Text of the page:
The Culdee, Kuldeer or Celi Dé (translated " vassals of God") formed a monastic order with settlements in Ireland and Scotland. As Founder of the Irish abbot Maelruan is suspected in early Irish manuscripts the name with Cele De (the " sworn allies of God") is occupied. Later, the name was Latinized to Coli dei, derived from culdei by Hector Boece (1465-1536), which is generally referred to monks and hermits.

Culdeer in the literature

Protestant and especially Presbyterian writers romanticized the Culdee long time as a simple hermit, who - had preserved a primordial Christianity in a remote corner of Western Europe - free from Roman influences. This view corresponded to one of Thomas Campbell in Scripture Reullura illuminated view their shadow peace:

" The pure, first Culdees were the earliest priests of God Albyn (England), before even one of the islands of their ocean was entered by the foot of a Saxon monk. "

Another way, as well as those of Hector Boece published in his Latin history of Scotland ( 1516), she referred to the 9th to the 12th century as the direct successor of the organized Irish monks from Iona (6th - 8th century).

Both these and other views were refuted by William Reeves (1815-1892), Bishop of Down, Connor and Dromore.

There were handed down only very few trusted sources of information until now, but it seems at least probable that the liturgy modeled Chrodegang, the Archbishop of Metz ( † 766 ), followed. Chrodegang had rules for liturgical chants and the canonical life of seculars ( regulators Canonicorum ) erected. His liturgy was taken by Irish monks from the north-eastern Gaul and distributed in their original homeland. The resident Irish hermits were thus bound by the rules and regulations of the monasteries.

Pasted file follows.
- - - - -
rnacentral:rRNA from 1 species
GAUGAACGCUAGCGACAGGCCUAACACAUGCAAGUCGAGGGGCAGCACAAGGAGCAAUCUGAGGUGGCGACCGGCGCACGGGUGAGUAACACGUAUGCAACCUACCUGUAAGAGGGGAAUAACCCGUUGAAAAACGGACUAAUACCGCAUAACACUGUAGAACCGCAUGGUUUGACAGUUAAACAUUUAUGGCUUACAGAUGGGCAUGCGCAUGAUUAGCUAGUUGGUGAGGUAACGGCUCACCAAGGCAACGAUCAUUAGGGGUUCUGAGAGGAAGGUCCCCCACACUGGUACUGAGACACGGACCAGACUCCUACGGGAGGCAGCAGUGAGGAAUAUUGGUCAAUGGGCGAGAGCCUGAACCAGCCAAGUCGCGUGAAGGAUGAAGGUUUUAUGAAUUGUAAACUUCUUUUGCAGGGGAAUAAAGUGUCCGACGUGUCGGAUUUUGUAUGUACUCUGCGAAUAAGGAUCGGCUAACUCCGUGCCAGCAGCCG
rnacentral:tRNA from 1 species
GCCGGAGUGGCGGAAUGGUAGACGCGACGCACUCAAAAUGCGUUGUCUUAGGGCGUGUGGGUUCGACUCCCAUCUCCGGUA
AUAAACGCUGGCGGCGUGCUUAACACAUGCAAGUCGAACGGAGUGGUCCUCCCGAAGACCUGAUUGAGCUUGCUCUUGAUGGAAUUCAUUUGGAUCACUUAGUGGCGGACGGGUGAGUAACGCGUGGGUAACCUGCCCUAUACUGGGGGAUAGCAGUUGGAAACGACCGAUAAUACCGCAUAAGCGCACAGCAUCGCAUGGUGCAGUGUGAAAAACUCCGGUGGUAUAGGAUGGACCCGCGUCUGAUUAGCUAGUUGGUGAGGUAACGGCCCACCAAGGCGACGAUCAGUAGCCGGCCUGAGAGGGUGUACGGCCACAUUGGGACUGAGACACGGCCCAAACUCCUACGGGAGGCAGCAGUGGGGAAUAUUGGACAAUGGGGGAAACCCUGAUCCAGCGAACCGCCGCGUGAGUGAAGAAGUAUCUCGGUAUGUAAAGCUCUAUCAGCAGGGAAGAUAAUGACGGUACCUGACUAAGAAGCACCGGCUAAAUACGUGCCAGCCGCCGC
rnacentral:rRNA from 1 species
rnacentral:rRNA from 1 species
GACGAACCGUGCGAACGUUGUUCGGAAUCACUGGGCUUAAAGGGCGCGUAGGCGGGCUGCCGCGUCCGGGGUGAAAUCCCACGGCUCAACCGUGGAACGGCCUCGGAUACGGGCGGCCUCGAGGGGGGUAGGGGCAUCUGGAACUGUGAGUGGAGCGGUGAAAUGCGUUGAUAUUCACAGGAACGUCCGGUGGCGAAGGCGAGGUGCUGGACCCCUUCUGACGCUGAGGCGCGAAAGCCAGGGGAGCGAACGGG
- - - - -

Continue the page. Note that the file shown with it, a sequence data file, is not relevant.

Tasks and Communities

The Culdeer lived in monastic way, even if not under monastic vows and appear to be particularly caring about the poor and the sick to have held. They were interested particularly apparent for the musical part of the adorations. Each monastery itself was independent and self-sufficient was controlled by an abbot at the top, Crinan of Dunkeld, the grandfather of Malcolm Canmore, was even a lay abbot. According to descriptions of the monasteries in a priestly and a secular part were separated, in the unmarried and married members lived together. Her life was similar to that of secular communities of England and the continent, because they lived there more or less together isolated. The tradition further states that even the clerical members were married, but they lived, unlike the priests of the Eastern Orthodox Church, during their time of priestly ministry separate from their wives.



The Culdeer emerged of documentary evidence after around 800 in Ireland and spread from there over to Scotland and monasteries scattered to England. From the early Middle Ages, the monk and poet Blathmac mac Con Brettan is known, who was strongly influenced by Celi Dé. The High Middle Ages is the most important epoch in the history of the Order. However, since the communities lacked an overall consolidated structure in the form and line, the Church of Culdeer inclined but generally already in the Middle Ages to the expiration.

In the 12th century the Celtic church was completely remodeled after the Roman model. In this process, the Culdeer lost as religious also those features and characteristics that have been ascribed to them in earlier times: they were just like the secular clergy brought uniformly under the canons of Rome, because the pictures that we receive from her life in the twelfth century differ considerably from those of past centuries.